Regardless, writers lie to people, and people pay them to do it.  But there has to be some layer of truth to your story.  You have to follow the basic rules of the world, or find a way to explain them so that the reader will accept the changes.  Alligators can't speak English, and toes are not intelligent, individual beings.  These are fundamentals, and you'd better have a good reason for breaking them.

Which brings me to the point of this post.  The Ridiculous Premise.  Have you ever read a really good book, and recommended it to a friend, only to have them ask you, "What's it about?"

You stall, and you think about it, and finally, sheepishly, tell them that it's about a guy who takes a lot of drugs, goes to Vegas to write a magazine story about a desert race, and proceeds to get completely lost in a fugue state of self-medication, paranoia, and petty lawlessness.

Sounds rather juvenile, yes?  That's Fear and Loathing in Las Vegas.  Great, great book.  But you have to be honest, the premise is kind of.... well, ridiculous.

The great thing about this whole concept is, it doesn't matter what your story is about, what matters is how it is written.  Also, very important, is that you have some explanation as to why the ridiculous is happening.  It doesn't have to be a solid explanation, but as long as the reader can accept it, you're golden.

There are millions of stories and legends from around the world that can help you with this.  Everyone knows that vampires can't come into your house uninvited, but how many know that they can't pass any doorway if it is lined with salt?  How many people know that a broom falling in the house means that company is coming, and not likely welcome company?

Everyone knows about Fairy Rings, mushroom patches in circular shapes, but not many know that in some Austrian areas, it is believed that dragons make them, and once one is made, nothing but toadstools will grow there for seven years, or that the Dutch believe they are where the devil puts his milk churn?  I'm guessing, outside of Austria or the Netherlands, not many do.

Enough people will catch it, though, to validate your story, and the mythology that you are creating.  Others will look into it, and confirm your statements independently.  Still others will believe you out of hand, and spread the tale themselves.  The point is, you've taken something old and not widely known, and used it to hold your ideas together, and tie them to the world that your readers understand.

Any time a story is read, there is an unspoken agreement made between the reader and the author.  The author agrees to tell a story that the reader will be able to follow and understand, and the reader agrees to suspend his disbelief enough to accept the tale as it is told.  If one side or the other breaks that agreement, or pushes it too far, it will end up as an unpleasant experience.  How many books have you set aside, unfinished, because you simply did not enjoy them?  How many of those did you not enjoy simply because you couldn't believe the premise, or the actions of the characters?  Either the writer pushed you too hard, you couldn't extend your disbelief far enough, or, in some cases, there was just a unconquerable disparity between what you believe the boundaries are, and what the author believes them to be.  It's unfortunate, but it happens.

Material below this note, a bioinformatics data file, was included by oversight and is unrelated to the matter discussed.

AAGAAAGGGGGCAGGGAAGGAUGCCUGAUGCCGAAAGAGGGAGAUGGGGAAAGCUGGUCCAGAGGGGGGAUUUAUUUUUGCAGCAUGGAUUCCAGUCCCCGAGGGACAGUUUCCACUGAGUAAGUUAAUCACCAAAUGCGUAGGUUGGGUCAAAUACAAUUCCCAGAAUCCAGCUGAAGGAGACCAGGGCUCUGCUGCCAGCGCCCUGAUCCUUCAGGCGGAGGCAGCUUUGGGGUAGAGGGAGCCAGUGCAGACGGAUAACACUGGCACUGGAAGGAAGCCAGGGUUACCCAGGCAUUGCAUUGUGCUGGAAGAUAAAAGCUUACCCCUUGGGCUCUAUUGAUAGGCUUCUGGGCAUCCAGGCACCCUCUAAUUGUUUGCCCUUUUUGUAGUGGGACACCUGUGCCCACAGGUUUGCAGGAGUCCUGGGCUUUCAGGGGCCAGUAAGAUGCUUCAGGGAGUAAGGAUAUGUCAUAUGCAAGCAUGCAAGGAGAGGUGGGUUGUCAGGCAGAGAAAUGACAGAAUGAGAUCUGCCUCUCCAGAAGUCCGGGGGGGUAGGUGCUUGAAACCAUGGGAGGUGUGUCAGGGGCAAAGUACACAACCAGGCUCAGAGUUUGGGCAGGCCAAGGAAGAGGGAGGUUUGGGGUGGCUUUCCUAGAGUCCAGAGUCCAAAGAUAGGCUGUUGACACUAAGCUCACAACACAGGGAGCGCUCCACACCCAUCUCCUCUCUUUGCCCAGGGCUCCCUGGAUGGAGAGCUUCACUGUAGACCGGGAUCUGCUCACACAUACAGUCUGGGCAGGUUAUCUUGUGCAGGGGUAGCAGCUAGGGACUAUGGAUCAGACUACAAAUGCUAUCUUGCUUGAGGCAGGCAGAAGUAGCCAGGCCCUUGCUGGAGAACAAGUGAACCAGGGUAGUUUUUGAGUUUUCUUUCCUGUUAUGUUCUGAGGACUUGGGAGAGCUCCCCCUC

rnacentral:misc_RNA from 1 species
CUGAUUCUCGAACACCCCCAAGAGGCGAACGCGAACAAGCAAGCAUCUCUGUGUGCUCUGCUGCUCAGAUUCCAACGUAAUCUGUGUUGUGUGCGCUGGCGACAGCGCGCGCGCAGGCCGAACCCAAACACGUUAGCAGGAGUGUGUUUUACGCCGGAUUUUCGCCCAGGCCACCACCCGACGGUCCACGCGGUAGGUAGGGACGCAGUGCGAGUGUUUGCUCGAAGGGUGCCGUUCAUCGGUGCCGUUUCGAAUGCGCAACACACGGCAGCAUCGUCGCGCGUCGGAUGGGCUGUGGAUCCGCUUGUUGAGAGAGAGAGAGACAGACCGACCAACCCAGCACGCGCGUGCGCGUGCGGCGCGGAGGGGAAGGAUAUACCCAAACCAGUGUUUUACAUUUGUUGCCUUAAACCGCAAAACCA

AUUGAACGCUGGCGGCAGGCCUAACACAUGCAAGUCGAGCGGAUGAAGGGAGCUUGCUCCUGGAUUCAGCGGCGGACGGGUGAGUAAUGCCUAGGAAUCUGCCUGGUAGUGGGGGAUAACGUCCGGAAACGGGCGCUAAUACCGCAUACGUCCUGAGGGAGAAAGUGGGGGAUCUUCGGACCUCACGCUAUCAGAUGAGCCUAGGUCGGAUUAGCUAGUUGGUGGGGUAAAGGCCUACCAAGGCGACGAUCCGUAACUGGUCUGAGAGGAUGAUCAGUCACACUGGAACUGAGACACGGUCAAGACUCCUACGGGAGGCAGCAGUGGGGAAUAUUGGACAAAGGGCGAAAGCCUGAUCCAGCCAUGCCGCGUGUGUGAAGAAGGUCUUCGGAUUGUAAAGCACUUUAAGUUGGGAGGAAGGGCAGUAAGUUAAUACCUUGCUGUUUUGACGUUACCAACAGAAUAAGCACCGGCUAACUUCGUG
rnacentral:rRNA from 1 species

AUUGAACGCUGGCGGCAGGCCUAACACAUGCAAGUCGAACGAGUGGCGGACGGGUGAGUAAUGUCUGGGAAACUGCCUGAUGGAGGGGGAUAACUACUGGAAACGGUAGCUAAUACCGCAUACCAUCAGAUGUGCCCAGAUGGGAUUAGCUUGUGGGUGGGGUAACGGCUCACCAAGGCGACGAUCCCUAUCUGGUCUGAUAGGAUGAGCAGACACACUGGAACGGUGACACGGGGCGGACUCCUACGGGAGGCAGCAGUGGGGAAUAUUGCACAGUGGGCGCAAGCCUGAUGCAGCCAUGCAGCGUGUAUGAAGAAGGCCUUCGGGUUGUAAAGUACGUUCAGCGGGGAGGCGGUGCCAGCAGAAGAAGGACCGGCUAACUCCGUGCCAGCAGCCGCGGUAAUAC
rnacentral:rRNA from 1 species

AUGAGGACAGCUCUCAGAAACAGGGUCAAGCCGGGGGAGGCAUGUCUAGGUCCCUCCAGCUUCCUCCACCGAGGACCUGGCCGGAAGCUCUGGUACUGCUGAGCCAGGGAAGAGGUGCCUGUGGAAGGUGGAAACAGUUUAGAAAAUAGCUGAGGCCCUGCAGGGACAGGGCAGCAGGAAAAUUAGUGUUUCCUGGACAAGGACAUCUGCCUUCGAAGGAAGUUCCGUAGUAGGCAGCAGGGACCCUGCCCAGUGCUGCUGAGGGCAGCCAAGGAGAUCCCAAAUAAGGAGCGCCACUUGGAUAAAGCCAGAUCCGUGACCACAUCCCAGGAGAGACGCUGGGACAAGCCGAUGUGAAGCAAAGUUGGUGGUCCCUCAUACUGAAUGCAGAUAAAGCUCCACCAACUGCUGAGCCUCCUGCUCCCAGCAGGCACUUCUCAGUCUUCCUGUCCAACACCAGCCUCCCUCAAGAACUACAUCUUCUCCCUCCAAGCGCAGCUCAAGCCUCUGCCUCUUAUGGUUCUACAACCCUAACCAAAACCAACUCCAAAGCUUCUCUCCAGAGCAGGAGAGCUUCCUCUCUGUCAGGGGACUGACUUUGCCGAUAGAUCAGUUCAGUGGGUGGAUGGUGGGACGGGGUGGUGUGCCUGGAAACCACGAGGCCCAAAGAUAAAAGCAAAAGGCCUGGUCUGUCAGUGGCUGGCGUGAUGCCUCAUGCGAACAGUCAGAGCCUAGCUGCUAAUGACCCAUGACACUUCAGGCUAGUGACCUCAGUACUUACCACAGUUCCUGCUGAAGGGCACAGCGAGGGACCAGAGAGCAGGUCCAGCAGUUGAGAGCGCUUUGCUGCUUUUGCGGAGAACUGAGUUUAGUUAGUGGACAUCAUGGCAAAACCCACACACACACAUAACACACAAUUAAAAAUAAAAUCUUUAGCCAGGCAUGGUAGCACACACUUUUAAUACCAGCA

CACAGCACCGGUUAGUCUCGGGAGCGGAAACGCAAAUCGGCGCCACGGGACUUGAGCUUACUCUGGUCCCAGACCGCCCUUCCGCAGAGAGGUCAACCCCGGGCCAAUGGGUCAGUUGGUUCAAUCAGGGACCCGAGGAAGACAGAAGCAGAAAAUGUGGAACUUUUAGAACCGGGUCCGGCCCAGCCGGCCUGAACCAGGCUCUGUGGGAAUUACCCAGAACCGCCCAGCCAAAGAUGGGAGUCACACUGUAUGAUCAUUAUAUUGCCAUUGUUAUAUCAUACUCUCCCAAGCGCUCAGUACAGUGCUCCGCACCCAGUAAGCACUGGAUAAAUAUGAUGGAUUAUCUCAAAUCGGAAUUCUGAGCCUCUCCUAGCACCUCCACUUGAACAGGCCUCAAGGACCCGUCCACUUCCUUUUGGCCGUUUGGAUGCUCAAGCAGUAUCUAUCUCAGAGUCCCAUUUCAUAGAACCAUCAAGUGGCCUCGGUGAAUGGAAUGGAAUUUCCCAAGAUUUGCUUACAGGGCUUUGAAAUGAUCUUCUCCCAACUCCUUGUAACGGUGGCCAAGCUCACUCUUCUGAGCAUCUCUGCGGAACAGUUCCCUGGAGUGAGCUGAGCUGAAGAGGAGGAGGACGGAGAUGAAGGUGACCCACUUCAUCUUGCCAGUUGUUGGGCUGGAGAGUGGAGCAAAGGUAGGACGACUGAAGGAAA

03 November 2009

The Dread Spectre

Unless you're Chuck Palahniuk, it'll happen to you eventually.  Probably quite often.  You'll sit down to continue working on your piece, and you can't get going.

You'll be halfway through, and it's coming along swimmingly, and all of a sudden it's like you can't form a complete sentence.

It's frustrating as hell, and more than a little discouraging.  It's called writer's block, and it happens to just about everybody.  There are few worse feelings in the world than the one that comes over you, when you realise that you're stuck.

There's no rhyme or reason to it.  At no point in your story can you see it coming, and no point in anybody else's story where you can see that it happened.  It just does, and it kicks you in the balls.

A lot of people have their own cures for the affliction (and affliction it is, make no mistake; I'd pay my entire life savings to the doctor who finds a cure for it), and while some work, most don't.  I've tried them all.  I've tried starting a new story, I've tried writing about nonsense, I've tried reading a book, and I've tried forcing myself to continue regardless with the plan to fix it in editing.

It doesn't work.

Sadly, the only thing that works for me is waiting it out.  Sometimes this means a project will sit idle for a few days, sometimes it's months.  There's nothing for it.

The flip side of this, however, is that when it comes back to you...  oh, when it comes back....

Some of your best work will be in the furious few days after you get past a block.  It's almost as if the creative juices have to build up, past their normal levels, and explode in a torrent all at once before subsiding back to normalcy.

So, be patient.  It'll happen.  You'll get out of your slump, and put down some of your best work.  Which doesn't help your mood when you're in the middle of that funk, but it makes you feel a whole lot better about it being done.